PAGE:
Chinese mission shows cells can multiply, but colonisation of the cosmos has a 'long way to go'
The latest results from experiments aboard China's SJ-10 recoverable satellite prove for the first time that early-stage mammal embryos can develop in space.
China launched the country's first microgravity satellite, SJ-10, on April 6. The return capsule will stay in orbit for several more days before heading back to Earth. An orbital module has been used to carry out experiments.
High-resolution photographs sent from SJ-10 show that mouse embryos continued to successfully develop throughout a 96-hour period.
"The human race may still have a long way to go before we can colonise space but, before that, we have to figure out whether it is possible for us to survive and reproduce in outer space like we do on Earth," said Duan Enkui, a professor at the Institute of Zoology affiliated with the Chinese Academy of Sciences, and the principal researcher involved with the experiment.
"Now, we have finally proven that the most crucial step in our reproduction－early embryo development－is possible in outer space."
Embryonic development starts with a single fertilized cell that divides into two cells, four cells, eight cells and so on, until the fertilized egg forms a blastocyst that can be implanted into a womb.
The first attempt to develop mammalian embryos in space was carried out by NASA's STS-80 Spacecraft in 1996. However, none of the 49 mouse embryos on board successfully developed.
"Since space experiments are expensive, no one attempted to develop embryos again in the decade following NASA's failure," Duan said.
In 2006, China launched the recoverable satellite SJ-8, which carried four-cell embryos in its orbital module. Scientists successfully received high-resolution pictures of those embryos. However, none grew.
"Our team analysed the initial results and improved the experimental apparatus during the following 10 years but we still did not expect such a big success," Duan said of the latest mission.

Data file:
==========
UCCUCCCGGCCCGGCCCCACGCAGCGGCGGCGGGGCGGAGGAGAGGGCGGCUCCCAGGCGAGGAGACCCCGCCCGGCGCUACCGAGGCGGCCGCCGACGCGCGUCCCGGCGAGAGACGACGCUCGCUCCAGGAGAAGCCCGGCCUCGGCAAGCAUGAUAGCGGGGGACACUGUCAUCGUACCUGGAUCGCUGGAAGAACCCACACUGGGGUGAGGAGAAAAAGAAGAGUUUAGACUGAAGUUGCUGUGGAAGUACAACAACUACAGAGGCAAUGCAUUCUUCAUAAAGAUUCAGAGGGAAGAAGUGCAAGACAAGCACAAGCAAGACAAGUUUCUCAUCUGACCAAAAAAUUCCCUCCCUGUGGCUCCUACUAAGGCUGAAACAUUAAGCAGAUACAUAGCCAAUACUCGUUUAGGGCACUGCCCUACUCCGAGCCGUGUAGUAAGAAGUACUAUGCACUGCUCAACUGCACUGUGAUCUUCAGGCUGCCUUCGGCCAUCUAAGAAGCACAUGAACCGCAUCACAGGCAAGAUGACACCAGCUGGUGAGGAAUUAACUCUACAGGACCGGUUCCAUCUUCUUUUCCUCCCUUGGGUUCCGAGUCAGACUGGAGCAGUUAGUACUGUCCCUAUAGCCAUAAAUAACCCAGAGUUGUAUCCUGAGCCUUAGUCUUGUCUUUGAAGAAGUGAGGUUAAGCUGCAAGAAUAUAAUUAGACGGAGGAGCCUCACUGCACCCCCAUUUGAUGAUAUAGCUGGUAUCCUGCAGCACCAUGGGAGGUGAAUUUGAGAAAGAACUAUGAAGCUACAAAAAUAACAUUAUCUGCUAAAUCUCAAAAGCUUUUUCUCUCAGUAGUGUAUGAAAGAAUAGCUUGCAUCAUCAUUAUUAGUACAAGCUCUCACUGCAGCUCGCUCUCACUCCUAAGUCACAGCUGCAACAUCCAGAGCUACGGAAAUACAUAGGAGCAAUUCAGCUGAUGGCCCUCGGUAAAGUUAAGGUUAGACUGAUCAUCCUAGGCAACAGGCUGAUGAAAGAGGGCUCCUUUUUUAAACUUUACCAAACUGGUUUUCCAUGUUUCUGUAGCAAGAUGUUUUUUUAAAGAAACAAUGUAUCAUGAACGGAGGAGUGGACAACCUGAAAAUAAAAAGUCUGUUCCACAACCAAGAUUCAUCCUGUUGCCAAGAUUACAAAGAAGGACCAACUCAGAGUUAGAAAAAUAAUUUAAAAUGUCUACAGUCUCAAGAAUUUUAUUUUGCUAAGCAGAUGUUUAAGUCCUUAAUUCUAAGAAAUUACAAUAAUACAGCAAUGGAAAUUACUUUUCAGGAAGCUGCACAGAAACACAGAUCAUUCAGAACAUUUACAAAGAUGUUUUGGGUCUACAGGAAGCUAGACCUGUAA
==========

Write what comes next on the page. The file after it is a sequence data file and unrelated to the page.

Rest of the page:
The SJ-10 carried more than 6,000 mouse embryos in a self-sufficient, enclosed chamber that is about the size of a microwave oven. Everything involved, from the cell culture system to the nutrient solution, had been refined through hundreds of ground tests.
During the experiment, a camera took photographs of the embryos every four hours and sent those pictures back to Earth.
The images revealed that some of the embryos developed into advanced blastocysts in four days.
"This represents an important milestone in human space exploration," said Aaron Hsueh, a professor who specializes in reproductive biology at Stanford University. "One small step for mouse embryos, one giant leap for human reproduction," he said.
David Elad, a professor of biomedical engineering at Tel Aviv University in Israel, said the achievement represents both a technological leap forward and scientific excellence in assisted reproduction.
"The successful development from two cells to blastocyst in microgravity conditions without manual intervention represents top-level integration of deep understanding of the biological factors of early reproduction with cutting-edge technological skills," Elad said.
Peter C.K. Leung, a fellow of the Royal Society of Canada and of the Canadian Academy for Health Sciences at the University of British Columbia, was also enthusiastic about the breakthrough.
"The innovation has a paramount impact in pushing back the frontier of reproductive biology and will have immense potential benefits to human health," he said.